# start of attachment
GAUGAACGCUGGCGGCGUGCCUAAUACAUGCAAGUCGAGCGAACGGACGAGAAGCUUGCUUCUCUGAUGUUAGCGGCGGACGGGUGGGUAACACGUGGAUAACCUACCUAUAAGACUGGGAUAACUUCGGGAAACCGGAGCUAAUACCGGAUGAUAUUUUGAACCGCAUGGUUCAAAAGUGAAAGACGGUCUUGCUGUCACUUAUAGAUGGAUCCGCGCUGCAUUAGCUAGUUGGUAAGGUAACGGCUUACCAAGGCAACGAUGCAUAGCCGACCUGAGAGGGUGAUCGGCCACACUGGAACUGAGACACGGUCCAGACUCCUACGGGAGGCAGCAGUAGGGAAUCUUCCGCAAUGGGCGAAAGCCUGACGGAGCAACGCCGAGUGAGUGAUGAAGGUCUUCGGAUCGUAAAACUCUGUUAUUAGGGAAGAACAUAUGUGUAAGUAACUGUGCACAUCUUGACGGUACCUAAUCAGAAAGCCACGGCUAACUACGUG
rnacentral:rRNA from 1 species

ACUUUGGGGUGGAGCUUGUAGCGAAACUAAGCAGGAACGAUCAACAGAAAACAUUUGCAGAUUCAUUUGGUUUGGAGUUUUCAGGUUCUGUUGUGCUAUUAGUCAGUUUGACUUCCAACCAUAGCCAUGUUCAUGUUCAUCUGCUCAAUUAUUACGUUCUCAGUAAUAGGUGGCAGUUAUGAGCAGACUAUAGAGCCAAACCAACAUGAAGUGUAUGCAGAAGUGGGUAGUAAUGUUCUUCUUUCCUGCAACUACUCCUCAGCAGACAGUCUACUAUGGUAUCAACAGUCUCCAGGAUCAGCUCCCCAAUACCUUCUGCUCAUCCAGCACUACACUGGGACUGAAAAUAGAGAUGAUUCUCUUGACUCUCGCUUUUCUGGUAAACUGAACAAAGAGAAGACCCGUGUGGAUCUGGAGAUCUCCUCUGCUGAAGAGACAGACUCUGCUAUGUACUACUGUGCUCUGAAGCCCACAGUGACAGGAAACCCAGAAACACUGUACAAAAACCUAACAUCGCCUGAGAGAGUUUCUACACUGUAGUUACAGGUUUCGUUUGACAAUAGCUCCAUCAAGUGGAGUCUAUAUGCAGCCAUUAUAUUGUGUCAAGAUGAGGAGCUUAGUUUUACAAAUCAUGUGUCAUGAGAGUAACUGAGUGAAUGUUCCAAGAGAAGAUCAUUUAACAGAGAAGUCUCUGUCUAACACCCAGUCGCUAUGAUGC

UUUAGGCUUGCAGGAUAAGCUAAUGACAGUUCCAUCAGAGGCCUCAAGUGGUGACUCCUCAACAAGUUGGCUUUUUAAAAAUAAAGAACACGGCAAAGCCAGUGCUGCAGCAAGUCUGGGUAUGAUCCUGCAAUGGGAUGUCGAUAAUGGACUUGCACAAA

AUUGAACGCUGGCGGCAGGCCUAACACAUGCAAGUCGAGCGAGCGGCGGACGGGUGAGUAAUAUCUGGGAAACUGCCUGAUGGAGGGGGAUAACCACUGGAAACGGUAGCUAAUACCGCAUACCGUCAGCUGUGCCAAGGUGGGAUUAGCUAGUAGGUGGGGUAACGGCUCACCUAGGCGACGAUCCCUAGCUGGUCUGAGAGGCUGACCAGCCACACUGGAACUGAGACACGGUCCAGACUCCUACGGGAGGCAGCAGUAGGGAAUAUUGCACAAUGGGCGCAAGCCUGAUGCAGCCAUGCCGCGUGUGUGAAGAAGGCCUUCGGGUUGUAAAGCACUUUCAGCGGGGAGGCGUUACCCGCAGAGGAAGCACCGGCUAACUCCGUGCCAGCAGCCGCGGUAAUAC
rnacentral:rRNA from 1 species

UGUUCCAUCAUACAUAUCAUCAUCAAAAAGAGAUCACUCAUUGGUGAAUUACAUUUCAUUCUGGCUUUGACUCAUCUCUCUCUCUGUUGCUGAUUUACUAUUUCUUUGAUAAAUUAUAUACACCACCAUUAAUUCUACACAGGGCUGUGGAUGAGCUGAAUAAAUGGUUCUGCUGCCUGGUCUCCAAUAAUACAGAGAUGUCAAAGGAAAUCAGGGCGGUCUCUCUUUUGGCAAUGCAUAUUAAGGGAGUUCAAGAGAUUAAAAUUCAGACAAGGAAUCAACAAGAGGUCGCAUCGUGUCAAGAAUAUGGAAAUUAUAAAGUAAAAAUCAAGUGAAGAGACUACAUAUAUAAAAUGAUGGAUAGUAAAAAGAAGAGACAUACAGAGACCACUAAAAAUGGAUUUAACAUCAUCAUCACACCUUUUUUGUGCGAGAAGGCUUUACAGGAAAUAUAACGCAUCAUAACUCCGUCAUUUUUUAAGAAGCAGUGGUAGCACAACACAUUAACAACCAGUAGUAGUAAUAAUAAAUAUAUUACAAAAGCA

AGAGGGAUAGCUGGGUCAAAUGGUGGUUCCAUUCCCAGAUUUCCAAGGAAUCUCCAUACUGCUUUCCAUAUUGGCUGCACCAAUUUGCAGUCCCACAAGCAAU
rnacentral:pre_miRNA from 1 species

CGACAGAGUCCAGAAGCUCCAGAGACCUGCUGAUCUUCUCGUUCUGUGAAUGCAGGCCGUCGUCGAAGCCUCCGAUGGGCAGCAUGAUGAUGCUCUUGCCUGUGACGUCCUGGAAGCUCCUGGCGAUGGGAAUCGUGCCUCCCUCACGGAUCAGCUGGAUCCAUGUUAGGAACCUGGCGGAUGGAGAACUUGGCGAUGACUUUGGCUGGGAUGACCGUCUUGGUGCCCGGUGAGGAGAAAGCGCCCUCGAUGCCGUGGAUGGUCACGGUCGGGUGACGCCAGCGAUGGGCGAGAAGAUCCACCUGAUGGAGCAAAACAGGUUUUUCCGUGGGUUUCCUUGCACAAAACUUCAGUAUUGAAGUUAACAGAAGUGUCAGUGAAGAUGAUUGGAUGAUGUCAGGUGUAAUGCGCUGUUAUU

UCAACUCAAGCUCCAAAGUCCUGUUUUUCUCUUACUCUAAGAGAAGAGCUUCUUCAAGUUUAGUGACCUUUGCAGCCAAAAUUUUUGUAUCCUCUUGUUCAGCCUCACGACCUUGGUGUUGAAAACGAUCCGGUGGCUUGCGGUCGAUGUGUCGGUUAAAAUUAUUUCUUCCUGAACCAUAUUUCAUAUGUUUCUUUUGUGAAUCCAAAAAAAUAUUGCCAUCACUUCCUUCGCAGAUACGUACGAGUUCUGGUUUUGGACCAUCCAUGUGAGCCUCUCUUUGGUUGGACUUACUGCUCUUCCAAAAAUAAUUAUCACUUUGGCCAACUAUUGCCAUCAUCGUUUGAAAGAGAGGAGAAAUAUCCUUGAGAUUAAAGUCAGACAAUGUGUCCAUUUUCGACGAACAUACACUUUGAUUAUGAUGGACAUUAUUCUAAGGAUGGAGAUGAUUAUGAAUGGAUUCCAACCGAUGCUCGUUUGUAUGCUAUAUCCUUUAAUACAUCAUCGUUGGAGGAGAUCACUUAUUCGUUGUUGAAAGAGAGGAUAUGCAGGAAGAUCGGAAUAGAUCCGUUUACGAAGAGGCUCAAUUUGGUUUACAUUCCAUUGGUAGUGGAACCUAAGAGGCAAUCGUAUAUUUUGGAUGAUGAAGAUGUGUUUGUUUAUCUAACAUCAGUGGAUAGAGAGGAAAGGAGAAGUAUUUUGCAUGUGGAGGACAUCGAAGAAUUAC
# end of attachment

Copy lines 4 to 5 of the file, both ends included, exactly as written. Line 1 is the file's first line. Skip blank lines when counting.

UUUAGGCUUGCAGGAUAAGCUAAUGACAGUUCCAUCAGAGGCCUCAAGUGGUGACUCCUCAACAAGUUGGCUUUUUAAAAAUAAAGAACACGGCAAAGCCAGUGCUGCAGCAAGUCUGGGUAUGAUCCUGCAAUGGGAUGUCGAUAAUGGACUUGCACAAA

AUUGAACGCUGGCGGCAGGCCUAACACAUGCAAGUCGAGCGAGCGGCGGACGGGUGAGUAAUAUCUGGGAAACUGCCUGAUGGAGGGGGAUAACCACUGGAAACGGUAGCUAAUACCGCAUACCGUCAGCUGUGCCAAGGUGGGAUUAGCUAGUAGGUGGGGUAACGGCUCACCUAGGCGACGAUCCCUAGCUGGUCUGAGAGGCUGACCAGCCACACUGGAACUGAGACACGGUCCAGACUCCUACGGGAGGCAGCAGUAGGGAAUAUUGCACAAUGGGCGCAAGCCUGAUGCAGCCAUGCCGCGUGUGUGAAGAAGGCCUUCGGGUUGUAAAGCACUUUCAGCGGGGAGGCGUUACCCGCAGAGGAAGCACCGGCUAACUCCGUGCCAGCAGCCGCGGUAAUAC